Honour puts Corkhill family streets ahead
by Clair Low
Four generations of a pioneering Canberra family joined together yesterday to celebrate the honour of having a street named after them. The street in Action that bears the Corkhill name is 300m north of pasture the farming family occupied from 1893 to 1913. The street, built late last year, is off Barrine Drive near Lake Burley Griffin.
It was named to recognise Robert Corkhill (1863-1954) and his wife Catherine (1867-1952), early settlers in Canberra and local dairy farmers. Robert was born on the Isle of Man in the Irish Sean and, at the age of 20, sailed to Australia and travelled to Limestone Plains, now known as Canberra. in 1983 he married Catherine "Kitty" Rolfe and they moved to a cottage on the site of the present National Library of Australia.
Robert Corkhill was a grazier, dairyman and wheat grower. he and his wife raised 10 children at the cottage and had 26 grandchildren.
The Corkhills supplied milk to Canberra for close to 50 years until their 175 cows were auctioned in 1961. During the Great Depression they gave vegetables and milk to people who needed it. Catherine died in Canberra aged 85 and Robert died in Sydney aged 91. Both Corkhills are buried in Queanbeyan.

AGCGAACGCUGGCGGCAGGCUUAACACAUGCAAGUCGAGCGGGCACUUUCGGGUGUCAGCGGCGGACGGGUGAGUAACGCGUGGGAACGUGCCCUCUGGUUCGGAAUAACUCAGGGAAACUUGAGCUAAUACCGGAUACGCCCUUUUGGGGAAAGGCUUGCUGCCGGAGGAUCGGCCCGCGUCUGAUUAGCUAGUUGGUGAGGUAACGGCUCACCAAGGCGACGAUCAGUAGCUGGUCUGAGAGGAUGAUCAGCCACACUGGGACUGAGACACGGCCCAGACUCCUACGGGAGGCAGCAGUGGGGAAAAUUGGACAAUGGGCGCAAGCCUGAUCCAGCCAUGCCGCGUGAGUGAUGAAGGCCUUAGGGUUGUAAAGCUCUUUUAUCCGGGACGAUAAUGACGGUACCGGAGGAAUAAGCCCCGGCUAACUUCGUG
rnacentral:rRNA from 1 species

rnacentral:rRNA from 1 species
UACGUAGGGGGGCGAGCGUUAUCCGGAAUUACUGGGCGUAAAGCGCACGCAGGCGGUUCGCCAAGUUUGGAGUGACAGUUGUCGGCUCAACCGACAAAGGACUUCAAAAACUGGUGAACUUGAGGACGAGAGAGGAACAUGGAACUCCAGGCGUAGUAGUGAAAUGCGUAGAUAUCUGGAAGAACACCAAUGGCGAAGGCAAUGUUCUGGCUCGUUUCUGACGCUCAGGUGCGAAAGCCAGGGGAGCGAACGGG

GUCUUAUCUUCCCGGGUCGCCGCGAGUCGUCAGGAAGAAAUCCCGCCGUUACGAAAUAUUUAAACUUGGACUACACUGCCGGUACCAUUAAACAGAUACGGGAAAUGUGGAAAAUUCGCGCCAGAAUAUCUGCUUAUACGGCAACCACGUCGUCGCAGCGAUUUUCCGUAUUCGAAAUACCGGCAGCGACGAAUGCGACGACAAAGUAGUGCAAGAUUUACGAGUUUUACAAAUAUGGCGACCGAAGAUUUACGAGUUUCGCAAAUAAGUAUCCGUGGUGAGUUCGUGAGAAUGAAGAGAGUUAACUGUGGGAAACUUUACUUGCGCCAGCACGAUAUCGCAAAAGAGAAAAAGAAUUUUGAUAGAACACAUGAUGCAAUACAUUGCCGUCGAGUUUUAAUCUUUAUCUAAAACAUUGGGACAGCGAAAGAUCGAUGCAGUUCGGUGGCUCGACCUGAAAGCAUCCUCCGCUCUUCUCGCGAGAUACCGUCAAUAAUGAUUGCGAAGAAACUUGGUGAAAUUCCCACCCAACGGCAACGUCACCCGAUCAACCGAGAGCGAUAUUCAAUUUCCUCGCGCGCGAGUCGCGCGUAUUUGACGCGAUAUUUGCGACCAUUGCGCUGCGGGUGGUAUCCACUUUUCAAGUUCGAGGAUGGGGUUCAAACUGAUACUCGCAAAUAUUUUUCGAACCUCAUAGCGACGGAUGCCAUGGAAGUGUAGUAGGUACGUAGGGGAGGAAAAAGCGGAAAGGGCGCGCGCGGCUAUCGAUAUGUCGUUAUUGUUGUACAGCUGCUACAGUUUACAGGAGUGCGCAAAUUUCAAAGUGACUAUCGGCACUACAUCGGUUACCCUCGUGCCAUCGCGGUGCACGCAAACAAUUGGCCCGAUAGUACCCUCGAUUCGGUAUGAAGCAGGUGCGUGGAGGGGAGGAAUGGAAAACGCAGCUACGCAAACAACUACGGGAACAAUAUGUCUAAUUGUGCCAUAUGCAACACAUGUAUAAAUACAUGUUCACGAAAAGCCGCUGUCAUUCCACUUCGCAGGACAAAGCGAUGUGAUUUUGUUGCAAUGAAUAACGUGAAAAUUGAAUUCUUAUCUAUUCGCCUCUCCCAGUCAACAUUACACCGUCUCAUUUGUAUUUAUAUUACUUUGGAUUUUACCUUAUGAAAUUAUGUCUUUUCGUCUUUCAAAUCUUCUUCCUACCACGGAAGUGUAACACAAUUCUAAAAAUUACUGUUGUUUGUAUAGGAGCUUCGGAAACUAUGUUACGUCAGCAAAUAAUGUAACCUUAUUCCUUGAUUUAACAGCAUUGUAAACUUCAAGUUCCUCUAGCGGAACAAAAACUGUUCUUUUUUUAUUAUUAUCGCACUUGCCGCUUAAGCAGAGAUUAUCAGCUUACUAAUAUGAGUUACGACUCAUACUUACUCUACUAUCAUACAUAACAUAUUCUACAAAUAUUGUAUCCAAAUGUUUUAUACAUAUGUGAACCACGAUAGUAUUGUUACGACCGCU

About 100 members of the Corkhill family, including in-laws, came to celebrate their special street including the oldest surviving Corkhill, Eileen Carter (nee Corkhill), 88, a granddaughter of Catherine and Robert.
The Corkhills, one of Canberra's earliest families, have lived in Canberra for five generations. Some maintain their family's farming tradition to this day.
Catherine wasn't the first Canberran on her side - her grandparents, Brian and Margaret Logue, managed the Duntroon dairy from 1845.
Margaret Sullivan, dubbed "the family's historian", said, "Our grandfather died in 1954, so it's taken a long time for someone who lived here that long to be recognised."
The street's location had a special significance for the family. "Our grandparents were very stauch Catholics and to think this street is so close to the bishop's house [the home of Canberra's first parish priest, Monsignor Hayden] where he used to live would have pleased them.
"He had breakfast with our grandparents every morning, he was like part of the family really."
Brian Corkhill, 73 another grandchild of Catherine and Robert, agreed the street was a great honour. "Some of these people have travelled seven or eight hours to be here. We have a great sense of pride for sure."
Oliver Maxwell, 13 of Forrest, is a great-great grandchild of Catherine and Robert. His mother, Donna Maxwell (nee Corkhill), is Brian's daughter.
Oliver said his family's street was "Pretty Special". "Everyone can drive past there and they might not know the significance of it, but we do. I'm very proud to be affiliated with the family, with both my families."